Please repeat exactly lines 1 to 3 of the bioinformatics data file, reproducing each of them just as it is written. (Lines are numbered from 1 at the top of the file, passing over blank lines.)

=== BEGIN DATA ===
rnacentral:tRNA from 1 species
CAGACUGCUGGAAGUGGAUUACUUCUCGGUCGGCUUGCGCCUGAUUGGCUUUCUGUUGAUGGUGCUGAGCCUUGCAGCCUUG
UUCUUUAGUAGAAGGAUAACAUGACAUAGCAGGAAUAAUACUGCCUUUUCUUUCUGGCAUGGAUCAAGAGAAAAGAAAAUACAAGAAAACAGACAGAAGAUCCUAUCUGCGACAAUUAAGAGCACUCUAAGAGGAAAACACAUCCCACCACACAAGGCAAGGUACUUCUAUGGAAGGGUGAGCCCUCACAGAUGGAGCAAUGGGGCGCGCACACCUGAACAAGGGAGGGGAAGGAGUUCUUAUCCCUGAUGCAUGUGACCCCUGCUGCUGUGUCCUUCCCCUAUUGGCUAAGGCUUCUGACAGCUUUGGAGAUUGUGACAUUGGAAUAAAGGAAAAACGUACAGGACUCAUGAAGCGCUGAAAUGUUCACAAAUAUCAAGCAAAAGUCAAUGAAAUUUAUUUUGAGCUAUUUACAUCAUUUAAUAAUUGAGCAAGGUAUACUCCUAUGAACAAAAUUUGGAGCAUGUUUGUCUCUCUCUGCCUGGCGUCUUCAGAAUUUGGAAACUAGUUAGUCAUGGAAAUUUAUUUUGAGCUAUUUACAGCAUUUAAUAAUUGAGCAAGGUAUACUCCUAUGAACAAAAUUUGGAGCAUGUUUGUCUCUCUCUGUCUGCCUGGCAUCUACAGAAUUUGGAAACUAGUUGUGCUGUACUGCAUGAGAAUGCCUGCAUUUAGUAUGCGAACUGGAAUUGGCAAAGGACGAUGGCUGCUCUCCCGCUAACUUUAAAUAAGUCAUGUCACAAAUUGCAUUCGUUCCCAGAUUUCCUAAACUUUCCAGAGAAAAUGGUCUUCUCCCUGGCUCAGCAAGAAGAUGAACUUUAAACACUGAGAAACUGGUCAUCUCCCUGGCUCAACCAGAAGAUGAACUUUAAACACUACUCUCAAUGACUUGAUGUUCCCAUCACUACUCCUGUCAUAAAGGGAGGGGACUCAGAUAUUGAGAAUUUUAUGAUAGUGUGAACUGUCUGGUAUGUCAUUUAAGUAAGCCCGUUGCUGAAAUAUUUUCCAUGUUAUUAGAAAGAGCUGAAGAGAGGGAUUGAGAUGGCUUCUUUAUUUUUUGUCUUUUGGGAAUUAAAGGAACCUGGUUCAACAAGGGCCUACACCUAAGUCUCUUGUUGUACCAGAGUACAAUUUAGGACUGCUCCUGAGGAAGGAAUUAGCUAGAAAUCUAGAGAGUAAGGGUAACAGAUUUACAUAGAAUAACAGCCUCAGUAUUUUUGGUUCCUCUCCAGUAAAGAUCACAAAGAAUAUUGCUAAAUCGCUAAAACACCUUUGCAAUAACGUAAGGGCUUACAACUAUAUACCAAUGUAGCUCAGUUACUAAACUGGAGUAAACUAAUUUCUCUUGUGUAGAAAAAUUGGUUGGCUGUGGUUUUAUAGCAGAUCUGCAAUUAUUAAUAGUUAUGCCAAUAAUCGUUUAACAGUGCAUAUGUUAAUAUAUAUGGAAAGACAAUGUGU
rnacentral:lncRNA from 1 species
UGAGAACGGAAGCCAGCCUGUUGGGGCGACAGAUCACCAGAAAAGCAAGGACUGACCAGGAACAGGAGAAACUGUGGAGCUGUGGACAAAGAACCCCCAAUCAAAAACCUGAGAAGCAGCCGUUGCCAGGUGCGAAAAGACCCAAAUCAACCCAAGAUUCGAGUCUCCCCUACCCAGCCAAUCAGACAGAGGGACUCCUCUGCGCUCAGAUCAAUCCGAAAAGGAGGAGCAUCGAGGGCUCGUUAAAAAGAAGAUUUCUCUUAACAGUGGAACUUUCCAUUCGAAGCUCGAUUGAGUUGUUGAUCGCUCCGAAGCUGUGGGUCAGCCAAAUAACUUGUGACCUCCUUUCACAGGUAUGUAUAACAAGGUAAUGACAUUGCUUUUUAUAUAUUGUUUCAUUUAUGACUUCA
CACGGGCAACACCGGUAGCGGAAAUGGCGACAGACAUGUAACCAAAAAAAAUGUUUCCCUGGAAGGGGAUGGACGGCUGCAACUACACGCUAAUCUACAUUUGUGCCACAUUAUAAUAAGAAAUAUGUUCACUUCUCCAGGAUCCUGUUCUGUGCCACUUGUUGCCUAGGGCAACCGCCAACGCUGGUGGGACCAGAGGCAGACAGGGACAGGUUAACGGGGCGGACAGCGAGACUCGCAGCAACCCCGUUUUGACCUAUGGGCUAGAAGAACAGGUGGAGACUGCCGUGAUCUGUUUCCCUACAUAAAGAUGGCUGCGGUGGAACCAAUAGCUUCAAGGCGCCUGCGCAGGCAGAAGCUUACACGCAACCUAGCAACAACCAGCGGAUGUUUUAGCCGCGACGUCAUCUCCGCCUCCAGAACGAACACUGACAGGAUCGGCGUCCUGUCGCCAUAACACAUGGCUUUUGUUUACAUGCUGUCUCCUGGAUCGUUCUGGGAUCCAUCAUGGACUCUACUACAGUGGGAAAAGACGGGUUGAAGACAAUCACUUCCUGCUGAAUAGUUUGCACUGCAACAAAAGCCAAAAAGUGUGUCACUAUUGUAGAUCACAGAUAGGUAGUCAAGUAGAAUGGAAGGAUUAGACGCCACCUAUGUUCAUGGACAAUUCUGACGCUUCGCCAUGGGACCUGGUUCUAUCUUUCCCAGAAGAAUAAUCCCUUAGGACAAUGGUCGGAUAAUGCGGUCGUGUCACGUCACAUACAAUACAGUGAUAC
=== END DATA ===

rnacentral:tRNA from 1 species
CAGACUGCUGGAAGUGGAUUACUUCUCGGUCGGCUUGCGCCUGAUUGGCUUUCUGUUGAUGGUGCUGAGCCUUGCAGCCUUG
UUCUUUAGUAGAAGGAUAACAUGACAUAGCAGGAAUAAUACUGCCUUUUCUUUCUGGCAUGGAUCAAGAGAAAAGAAAAUACAAGAAAACAGACAGAAGAUCCUAUCUGCGACAAUUAAGAGCACUCUAAGAGGAAAACACAUCCCACCACACAAGGCAAGGUACUUCUAUGGAAGGGUGAGCCCUCACAGAUGGAGCAAUGGGGCGCGCACACCUGAACAAGGGAGGGGAAGGAGUUCUUAUCCCUGAUGCAUGUGACCCCUGCUGCUGUGUCCUUCCCCUAUUGGCUAAGGCUUCUGACAGCUUUGGAGAUUGUGACAUUGGAAUAAAGGAAAAACGUACAGGACUCAUGAAGCGCUGAAAUGUUCACAAAUAUCAAGCAAAAGUCAAUGAAAUUUAUUUUGAGCUAUUUACAUCAUUUAAUAAUUGAGCAAGGUAUACUCCUAUGAACAAAAUUUGGAGCAUGUUUGUCUCUCUCUGCCUGGCGUCUUCAGAAUUUGGAAACUAGUUAGUCAUGGAAAUUUAUUUUGAGCUAUUUACAGCAUUUAAUAAUUGAGCAAGGUAUACUCCUAUGAACAAAAUUUGGAGCAUGUUUGUCUCUCUCUGUCUGCCUGGCAUCUACAGAAUUUGGAAACUAGUUGUGCUGUACUGCAUGAGAAUGCCUGCAUUUAGUAUGCGAACUGGAAUUGGCAAAGGACGAUGGCUGCUCUCCCGCUAACUUUAAAUAAGUCAUGUCACAAAUUGCAUUCGUUCCCAGAUUUCCUAAACUUUCCAGAGAAAAUGGUCUUCUCCCUGGCUCAGCAAGAAGAUGAACUUUAAACACUGAGAAACUGGUCAUCUCCCUGGCUCAACCAGAAGAUGAACUUUAAACACUACUCUCAAUGACUUGAUGUUCCCAUCACUACUCCUGUCAUAAAGGGAGGGGACUCAGAUAUUGAGAAUUUUAUGAUAGUGUGAACUGUCUGGUAUGUCAUUUAAGUAAGCCCGUUGCUGAAAUAUUUUCCAUGUUAUUAGAAAGAGCUGAAGAGAGGGAUUGAGAUGGCUUCUUUAUUUUUUGUCUUUUGGGAAUUAAAGGAACCUGGUUCAACAAGGGCCUACACCUAAGUCUCUUGUUGUACCAGAGUACAAUUUAGGACUGCUCCUGAGGAAGGAAUUAGCUAGAAAUCUAGAGAGUAAGGGUAACAGAUUUACAUAGAAUAACAGCCUCAGUAUUUUUGGUUCCUCUCCAGUAAAGAUCACAAAGAAUAUUGCUAAAUCGCUAAAACACCUUUGCAAUAACGUAAGGGCUUACAACUAUAUACCAAUGUAGCUCAGUUACUAAACUGGAGUAAACUAAUUUCUCUUGUGUAGAAAAAUUGGUUGGCUGUGGUUUUAUAGCAGAUCUGCAAUUAUUAAUAGUUAUGCCAAUAAUCGUUUAACAGUGCAUAUGUUAAUAUAUAUGGAAAGACAAUGUGU